- Steven Spielberg
- Run Time
- 2 hours and 20 minutes
VP Content Ratings
- Star Rating
Rated PG-13. Running Time: 2 hours 20 min.
Our content ratings (1-10): Violence 4; Language 1; Sex Nudity 1.
Our star rating (1-5): 4
Do not withhold good from those to whom it is due,
when it is in your power to do it.
Do not say to your neighbor, “Go, and come again,
tomorrow I will give it”—when you have it with you.
Do not plan harm against your neighbor
who lives trustingly beside you.
Do not quarrel with anyone without cause,
when no harm has been done to you.
Live in harmony with one another; do not be haughty, but associate with the lowly; do not claim to be wiser than you are. Do not repay anyone evil for evil, but take thought for what is noble in the sight of all. If it is possible, so far as it depends on you, live peaceably with all.
Director Steven Spielberg seems to be reverting to his youthful days in his new film that is the equivalent of a cinematic roller coaster ride. Eschewing the gravitas of The Post or The Bridge of Spies, he proves that he can make as an exciting CGI movie as any other director. So, as they say, “Fasten your seat belt and enjoy the ride.”
The setting is the year 2045 in “the fastest-growing city in the world: Columbus, Ohio.” Societal problems have become so severe that, we are told, “people have stopped trying to fix them.” The story is of the 99%, most of whom live in trailer courts called “the stacks” because dilapidated trailers are stacked vertically atop platforms that tower as tall as skyscrapers. One of these is occupied by our hero Wade Watts (Tye Sheridan), an orphaned teenager now living apart from his aunt and her drunken boyfriend. Like most other denizens of his dystopian world, Wade spends most of his time in the online virtual universe called the OASIS, where through his avatar he calls Parzival he runs, dodges and shoots at hordes of enemies, often teamed up with others. For hours at a time you can forget your troubles and hellish living conditions. OASIS is far better than drugs, though its effect of banishing reality temporarily is the same.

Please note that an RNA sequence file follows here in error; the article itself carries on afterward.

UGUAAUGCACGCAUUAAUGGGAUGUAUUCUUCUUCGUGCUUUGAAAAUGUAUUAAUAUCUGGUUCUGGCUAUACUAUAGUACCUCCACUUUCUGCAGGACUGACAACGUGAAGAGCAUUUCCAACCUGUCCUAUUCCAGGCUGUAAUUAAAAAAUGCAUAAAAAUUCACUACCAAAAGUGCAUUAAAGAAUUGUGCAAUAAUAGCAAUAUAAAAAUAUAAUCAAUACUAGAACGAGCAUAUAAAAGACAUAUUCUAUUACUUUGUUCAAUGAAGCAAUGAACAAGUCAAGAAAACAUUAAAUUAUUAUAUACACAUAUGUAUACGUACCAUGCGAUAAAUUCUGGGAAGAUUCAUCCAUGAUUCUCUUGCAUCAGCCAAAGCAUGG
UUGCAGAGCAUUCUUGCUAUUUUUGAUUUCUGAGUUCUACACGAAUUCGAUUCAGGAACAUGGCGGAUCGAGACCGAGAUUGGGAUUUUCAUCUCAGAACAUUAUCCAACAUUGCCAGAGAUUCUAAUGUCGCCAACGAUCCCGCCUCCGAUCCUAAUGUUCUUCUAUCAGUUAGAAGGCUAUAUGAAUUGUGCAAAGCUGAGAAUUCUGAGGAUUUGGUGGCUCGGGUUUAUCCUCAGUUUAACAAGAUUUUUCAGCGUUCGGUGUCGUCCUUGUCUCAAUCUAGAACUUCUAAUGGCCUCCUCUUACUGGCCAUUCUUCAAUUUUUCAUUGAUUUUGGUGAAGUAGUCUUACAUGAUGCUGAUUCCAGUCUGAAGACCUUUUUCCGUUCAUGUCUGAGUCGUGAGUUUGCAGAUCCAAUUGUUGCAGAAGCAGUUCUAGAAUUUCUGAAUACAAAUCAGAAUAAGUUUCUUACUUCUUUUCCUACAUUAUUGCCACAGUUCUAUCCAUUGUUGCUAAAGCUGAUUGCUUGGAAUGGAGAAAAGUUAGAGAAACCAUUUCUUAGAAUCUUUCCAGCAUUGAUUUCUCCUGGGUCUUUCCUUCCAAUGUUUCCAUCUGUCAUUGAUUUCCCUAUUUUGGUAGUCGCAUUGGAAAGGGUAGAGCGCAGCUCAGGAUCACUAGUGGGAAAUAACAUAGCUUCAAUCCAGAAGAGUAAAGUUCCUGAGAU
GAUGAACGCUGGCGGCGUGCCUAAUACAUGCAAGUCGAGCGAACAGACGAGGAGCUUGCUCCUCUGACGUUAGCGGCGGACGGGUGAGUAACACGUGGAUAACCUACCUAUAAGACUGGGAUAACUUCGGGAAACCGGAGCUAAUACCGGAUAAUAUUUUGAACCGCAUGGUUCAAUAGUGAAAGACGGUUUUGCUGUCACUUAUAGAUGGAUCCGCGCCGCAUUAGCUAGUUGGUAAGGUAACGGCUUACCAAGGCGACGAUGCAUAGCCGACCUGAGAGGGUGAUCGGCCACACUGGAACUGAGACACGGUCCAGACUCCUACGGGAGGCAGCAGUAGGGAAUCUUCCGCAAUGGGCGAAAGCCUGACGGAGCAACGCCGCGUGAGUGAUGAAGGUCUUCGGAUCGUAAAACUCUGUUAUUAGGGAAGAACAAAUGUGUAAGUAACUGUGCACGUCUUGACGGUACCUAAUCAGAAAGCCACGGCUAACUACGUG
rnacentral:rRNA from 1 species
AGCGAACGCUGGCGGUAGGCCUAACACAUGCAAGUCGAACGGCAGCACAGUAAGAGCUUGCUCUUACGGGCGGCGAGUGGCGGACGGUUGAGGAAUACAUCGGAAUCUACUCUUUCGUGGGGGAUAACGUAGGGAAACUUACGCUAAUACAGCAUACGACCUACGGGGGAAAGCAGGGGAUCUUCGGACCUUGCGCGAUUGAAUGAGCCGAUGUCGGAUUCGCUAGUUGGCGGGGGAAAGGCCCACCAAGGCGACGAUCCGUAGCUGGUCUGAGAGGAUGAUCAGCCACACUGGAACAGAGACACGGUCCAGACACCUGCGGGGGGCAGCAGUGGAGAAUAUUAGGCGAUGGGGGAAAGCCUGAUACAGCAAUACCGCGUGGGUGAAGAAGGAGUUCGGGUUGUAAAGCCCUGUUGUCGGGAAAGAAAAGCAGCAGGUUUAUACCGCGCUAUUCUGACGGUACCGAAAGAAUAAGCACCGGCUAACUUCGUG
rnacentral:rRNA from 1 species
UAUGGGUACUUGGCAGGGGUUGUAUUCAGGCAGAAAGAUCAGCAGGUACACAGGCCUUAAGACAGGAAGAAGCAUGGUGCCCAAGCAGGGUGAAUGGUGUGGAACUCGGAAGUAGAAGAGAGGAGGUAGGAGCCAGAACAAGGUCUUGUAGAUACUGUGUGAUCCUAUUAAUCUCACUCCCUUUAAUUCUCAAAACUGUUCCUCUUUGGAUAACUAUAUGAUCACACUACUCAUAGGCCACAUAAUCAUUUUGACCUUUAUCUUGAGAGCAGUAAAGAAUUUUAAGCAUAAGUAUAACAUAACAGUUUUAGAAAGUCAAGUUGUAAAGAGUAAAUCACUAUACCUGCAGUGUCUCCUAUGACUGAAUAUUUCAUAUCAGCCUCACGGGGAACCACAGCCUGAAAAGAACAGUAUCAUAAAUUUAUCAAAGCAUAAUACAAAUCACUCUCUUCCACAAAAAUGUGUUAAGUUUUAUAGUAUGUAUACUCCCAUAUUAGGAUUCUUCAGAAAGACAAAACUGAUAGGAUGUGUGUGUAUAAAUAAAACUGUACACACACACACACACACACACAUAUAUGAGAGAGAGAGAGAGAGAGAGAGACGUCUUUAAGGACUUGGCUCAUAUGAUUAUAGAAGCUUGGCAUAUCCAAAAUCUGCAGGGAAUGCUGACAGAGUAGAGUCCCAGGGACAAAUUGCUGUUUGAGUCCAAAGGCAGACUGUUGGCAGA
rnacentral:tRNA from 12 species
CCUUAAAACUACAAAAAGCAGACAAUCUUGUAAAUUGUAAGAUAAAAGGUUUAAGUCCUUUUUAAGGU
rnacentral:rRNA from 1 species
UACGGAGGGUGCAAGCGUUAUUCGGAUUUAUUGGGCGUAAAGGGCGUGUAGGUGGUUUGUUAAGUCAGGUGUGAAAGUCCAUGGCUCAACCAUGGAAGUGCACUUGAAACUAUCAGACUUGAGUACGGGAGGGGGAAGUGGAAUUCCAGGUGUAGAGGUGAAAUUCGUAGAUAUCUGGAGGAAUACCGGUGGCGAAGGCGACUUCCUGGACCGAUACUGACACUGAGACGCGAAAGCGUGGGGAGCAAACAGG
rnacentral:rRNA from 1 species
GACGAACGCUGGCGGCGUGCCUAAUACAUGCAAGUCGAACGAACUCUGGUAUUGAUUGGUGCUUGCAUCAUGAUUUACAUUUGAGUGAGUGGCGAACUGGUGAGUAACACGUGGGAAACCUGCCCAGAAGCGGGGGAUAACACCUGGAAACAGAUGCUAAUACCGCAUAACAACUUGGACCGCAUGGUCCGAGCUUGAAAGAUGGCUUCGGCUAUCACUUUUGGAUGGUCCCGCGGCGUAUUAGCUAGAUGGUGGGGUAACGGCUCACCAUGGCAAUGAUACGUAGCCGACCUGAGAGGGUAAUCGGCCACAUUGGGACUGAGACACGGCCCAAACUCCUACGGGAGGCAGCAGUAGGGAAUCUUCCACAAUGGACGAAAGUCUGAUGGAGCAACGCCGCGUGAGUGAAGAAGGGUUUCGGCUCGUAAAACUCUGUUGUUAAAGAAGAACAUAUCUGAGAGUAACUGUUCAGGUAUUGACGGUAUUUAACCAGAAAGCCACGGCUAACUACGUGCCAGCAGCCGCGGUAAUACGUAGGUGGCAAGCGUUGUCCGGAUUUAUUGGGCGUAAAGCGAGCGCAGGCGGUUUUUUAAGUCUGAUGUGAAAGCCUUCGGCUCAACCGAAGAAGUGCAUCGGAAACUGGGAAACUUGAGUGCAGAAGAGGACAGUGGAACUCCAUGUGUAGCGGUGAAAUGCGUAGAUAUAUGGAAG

In OASIS one can don garish costumes and drive fantastic cars, even a Batmobile, and dance with a gorgeous partner in zero gravity. With a name like Parzival we know immediately that Wade’s will soon become a quest story. And so it does when the genius creator of OASIS James Halliday (Mark Rylance) dies. Even in death he will dominate the world because he has taped an announcement describing his last game—a contest the winner of which will inherit his huge fortune and gain control over OASIS. He has hidden an Easter Egg so well that only the one who finds three keys will have enough clues to find the prize. Parzival and his best friend Aech, a mechanical expert whose avatar is a giant black man with a midsection consisting of machine parts, of course set out to find the keys. They and the other egg hunters are called “gunters.”